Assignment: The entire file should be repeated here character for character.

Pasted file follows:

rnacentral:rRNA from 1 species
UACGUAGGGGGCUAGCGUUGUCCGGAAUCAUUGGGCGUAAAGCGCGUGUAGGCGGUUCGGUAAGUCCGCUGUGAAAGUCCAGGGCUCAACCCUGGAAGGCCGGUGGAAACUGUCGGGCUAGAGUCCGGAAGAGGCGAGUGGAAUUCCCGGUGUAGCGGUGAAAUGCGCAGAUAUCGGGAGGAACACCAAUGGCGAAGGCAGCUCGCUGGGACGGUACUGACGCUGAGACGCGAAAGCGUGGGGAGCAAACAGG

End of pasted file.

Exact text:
rnacentral:rRNA from 1 species
UACGUAGGGGGCUAGCGUUGUCCGGAAUCAUUGGGCGUAAAGCGCGUGUAGGCGGUUCGGUAAGUCCGCUGUGAAAGUCCAGGGCUCAACCCUGGAAGGCCGGUGGAAACUGUCGGGCUAGAGUCCGGAAGAGGCGAGUGGAAUUCCCGGUGUAGCGGUGAAAUGCGCAGAUAUCGGGAGGAACACCAAUGGCGAAGGCAGCUCGCUGGGACGGUACUGACGCUGAGACGCGAAAGCGUGGGGAGCAAACAGG